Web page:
Late summer is the most common time of year for hospital admissions for patients with Takotsubo cardiomyopathy, according to research presented at the 66th Annual Scientific Sessions & Expo of the American College of Cardiology in Washington, DC.
Researchers from Mount Sinai St. Luke’s Hospital in New York City conducted a retrospective cohort study using data from the 2013 National Independent Sample; the admitting diagnosis for adult patients was stress-induced cardiomyopathy.
Data from 7070 patients with Takotsubo cardiomyopathy were included in the study (90% women; mean age, 66 years); 1.6% died during their hospital stay.
The probability of inpatient mortality was higher in male patients (85%; risk ratio, 0.15; P <.001). About 7% of male patients died vs 1% of female patients.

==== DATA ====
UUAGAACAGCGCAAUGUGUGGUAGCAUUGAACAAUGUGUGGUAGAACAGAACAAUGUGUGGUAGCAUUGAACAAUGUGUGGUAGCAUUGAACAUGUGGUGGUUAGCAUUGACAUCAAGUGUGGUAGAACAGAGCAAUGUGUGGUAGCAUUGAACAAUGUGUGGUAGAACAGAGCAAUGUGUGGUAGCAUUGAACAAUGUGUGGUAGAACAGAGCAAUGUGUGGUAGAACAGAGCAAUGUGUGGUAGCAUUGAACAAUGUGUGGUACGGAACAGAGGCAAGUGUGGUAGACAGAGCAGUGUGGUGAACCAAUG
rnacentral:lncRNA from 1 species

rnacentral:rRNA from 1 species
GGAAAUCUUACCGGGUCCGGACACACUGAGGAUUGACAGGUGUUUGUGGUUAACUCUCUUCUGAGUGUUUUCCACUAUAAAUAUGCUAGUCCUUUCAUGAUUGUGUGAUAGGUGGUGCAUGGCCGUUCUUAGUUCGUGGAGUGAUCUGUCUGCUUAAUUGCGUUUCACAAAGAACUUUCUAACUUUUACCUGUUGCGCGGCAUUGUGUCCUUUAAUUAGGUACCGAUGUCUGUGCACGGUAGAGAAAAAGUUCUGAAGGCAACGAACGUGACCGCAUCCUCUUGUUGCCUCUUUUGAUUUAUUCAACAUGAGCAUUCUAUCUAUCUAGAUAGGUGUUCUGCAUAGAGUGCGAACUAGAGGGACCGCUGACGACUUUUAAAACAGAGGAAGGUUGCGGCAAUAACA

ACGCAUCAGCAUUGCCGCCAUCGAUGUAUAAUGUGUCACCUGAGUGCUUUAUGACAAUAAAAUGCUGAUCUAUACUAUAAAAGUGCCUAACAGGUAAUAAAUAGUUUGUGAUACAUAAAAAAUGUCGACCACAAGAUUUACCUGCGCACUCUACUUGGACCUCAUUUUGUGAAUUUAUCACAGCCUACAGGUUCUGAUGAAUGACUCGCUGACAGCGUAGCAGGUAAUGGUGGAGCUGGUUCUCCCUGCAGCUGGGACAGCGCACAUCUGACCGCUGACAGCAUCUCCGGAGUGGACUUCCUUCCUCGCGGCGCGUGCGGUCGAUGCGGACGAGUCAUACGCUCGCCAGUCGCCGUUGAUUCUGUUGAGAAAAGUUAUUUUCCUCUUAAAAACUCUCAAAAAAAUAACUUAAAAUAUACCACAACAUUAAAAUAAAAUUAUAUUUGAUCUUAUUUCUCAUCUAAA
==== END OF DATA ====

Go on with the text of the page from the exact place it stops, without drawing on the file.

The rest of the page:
The researchers identified July, August, and September as the months with the highest numbers of Takotsubo cardiomyopathy admissions; however, most men were admitted in May, and most women were admitted in July (14% and 10.6%, respectively).
“Even though 90% of patients…admitted to the hospital are female, the mortality is higher among males,” the researchers concluded.
Lemor A, Lee S, Gongora C, Gholitabar F, Mehta D. Stress induce cardiomyopathy (takotsubo cardiomyopathy): mortality, gender, and admission month based on a nationwide sample during 2013. Abstract 1297-320. Presented at: the 66th Scientific Session & Expo of the American College of Cardiology. March 17-19, 2017; Washington, DC.